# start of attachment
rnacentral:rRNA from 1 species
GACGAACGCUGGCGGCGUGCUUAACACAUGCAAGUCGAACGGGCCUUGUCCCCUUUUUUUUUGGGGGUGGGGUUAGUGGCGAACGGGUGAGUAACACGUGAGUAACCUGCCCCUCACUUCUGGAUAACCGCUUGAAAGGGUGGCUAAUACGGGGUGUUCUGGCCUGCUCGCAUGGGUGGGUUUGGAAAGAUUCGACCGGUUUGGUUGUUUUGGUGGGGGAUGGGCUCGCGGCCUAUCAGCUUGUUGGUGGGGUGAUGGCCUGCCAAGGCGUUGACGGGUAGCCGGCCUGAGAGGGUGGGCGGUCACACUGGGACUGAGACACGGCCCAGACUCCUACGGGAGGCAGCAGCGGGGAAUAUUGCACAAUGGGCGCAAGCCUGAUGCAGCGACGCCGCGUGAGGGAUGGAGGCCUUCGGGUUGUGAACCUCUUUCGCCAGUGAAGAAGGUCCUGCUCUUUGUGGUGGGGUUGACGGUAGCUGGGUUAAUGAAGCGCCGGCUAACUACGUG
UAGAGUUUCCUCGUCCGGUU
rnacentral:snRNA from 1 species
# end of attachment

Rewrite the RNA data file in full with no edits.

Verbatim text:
rnacentral:rRNA from 1 species
GACGAACGCUGGCGGCGUGCUUAACACAUGCAAGUCGAACGGGCCUUGUCCCCUUUUUUUUUGGGGGUGGGGUUAGUGGCGAACGGGUGAGUAACACGUGAGUAACCUGCCCCUCACUUCUGGAUAACCGCUUGAAAGGGUGGCUAAUACGGGGUGUUCUGGCCUGCUCGCAUGGGUGGGUUUGGAAAGAUUCGACCGGUUUGGUUGUUUUGGUGGGGGAUGGGCUCGCGGCCUAUCAGCUUGUUGGUGGGGUGAUGGCCUGCCAAGGCGUUGACGGGUAGCCGGCCUGAGAGGGUGGGCGGUCACACUGGGACUGAGACACGGCCCAGACUCCUACGGGAGGCAGCAGCGGGGAAUAUUGCACAAUGGGCGCAAGCCUGAUGCAGCGACGCCGCGUGAGGGAUGGAGGCCUUCGGGUUGUGAACCUCUUUCGCCAGUGAAGAAGGUCCUGCUCUUUGUGGUGGGGUUGACGGUAGCUGGGUUAAUGAAGCGCCGGCUAACUACGUG
UAGAGUUUCCUCGUCCGGUU
rnacentral:snRNA from 1 species